Here’s how I usually setup my test environment on Rails. I’m using mainly RSpec and Capybara, so nothing new under the sun, but this should provide a mindless copy and paste to get you (mainly me) started.
First of all, the gems used. This configuration is in part taken from the book “Testing with RSpec” by Aaron Summer:
group:development,:testdogem'rspec-rails'gem'factory_girl_rails'gem'rb-fsevent',require:falseifRUBY_PLATFORM=~/darwin/i# only on OSXgem'guard-rspec'endgroup:testdogem'shoulda-matchers'gem'faker'gem'capybara'gem'poltergeist'gem'database_cleaner'# DatabaseCleaner required to test user authentication protected routesgem'launchy'# Provides the awesome save_and_open_page method in your capybara specsend
A pretty basic setup, RSpec with shoulda matchers, FactoryGirl + Faker for cool mocks and Capybara with Poltergeist as webdriver.
You might want to install PhantomJS (used by Poltergeist). In Mac OSX you can just use brew:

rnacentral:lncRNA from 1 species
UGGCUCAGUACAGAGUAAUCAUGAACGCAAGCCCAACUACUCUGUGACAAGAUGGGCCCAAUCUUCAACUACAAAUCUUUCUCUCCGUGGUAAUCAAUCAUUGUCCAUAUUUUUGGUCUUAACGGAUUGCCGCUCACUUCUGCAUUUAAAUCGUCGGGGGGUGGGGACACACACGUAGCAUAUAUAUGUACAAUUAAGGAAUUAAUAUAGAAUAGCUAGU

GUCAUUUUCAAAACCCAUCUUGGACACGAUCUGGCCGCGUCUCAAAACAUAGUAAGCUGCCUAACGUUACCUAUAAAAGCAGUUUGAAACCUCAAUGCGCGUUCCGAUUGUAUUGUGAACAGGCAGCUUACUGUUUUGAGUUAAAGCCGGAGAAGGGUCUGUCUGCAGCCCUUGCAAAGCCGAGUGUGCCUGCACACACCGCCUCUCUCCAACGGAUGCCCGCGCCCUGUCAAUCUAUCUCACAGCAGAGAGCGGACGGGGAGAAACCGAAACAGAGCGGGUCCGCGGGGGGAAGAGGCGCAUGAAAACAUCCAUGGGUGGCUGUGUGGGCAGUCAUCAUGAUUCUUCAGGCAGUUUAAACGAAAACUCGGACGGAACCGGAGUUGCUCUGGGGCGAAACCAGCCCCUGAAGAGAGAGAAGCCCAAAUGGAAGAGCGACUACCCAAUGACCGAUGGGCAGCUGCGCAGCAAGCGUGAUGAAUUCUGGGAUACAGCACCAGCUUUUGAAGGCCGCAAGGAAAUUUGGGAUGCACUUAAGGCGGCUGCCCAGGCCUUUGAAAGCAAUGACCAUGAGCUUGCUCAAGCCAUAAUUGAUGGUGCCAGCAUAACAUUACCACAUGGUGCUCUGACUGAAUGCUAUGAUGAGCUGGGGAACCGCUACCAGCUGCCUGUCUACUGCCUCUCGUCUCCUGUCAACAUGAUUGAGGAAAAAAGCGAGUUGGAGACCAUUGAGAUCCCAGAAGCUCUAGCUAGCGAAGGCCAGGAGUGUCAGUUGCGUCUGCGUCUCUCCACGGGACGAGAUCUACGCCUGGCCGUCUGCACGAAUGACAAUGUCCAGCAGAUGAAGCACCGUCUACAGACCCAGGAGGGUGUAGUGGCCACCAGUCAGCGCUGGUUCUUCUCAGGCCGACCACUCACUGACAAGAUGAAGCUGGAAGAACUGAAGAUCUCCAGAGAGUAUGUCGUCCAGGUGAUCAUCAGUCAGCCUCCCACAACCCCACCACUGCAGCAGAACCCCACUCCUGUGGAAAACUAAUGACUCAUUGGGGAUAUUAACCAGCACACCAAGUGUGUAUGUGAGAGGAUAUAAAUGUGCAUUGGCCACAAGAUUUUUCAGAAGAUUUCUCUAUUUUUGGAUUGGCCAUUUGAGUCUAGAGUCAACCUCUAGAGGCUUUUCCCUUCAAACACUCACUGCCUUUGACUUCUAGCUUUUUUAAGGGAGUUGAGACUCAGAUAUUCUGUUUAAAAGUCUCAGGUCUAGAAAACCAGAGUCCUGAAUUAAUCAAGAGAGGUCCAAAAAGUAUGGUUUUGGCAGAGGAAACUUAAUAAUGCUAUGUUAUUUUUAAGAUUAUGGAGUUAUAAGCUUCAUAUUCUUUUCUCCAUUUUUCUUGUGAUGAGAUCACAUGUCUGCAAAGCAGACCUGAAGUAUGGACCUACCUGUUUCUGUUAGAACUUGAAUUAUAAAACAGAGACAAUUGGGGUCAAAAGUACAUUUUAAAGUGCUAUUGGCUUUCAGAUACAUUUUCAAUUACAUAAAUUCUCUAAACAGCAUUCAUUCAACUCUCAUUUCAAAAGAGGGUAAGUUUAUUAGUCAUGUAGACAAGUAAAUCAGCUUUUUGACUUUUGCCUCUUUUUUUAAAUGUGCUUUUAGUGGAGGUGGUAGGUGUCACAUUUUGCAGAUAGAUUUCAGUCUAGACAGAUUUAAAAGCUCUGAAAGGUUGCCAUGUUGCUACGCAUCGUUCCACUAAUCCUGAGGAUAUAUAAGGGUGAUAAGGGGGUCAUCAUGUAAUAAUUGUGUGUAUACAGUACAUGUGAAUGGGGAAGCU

brew install phantomjs
With that out of the way the next step is to setup RSpec
rails g rspec:install
I like to customize rspec with the dotted (or the documentation if I’m feeling verbose) and colored notation by adding a .rspec file.
This sets up DatabaseCleaner and the webdriver for Capybara. It also tells RSpec to skip tests marked as :slow.
Almost there, now it’s time to setup a couple of tools that makes testing less cumbersome.
First of all, let’s setup Guard.
guard init rspec
… and that’s about it.
Let’s finish off by configuring Zeus if needed (or wanted). That’s pretty straightforward, we just need to change the test environment command in the zeus.json generated by zeus init: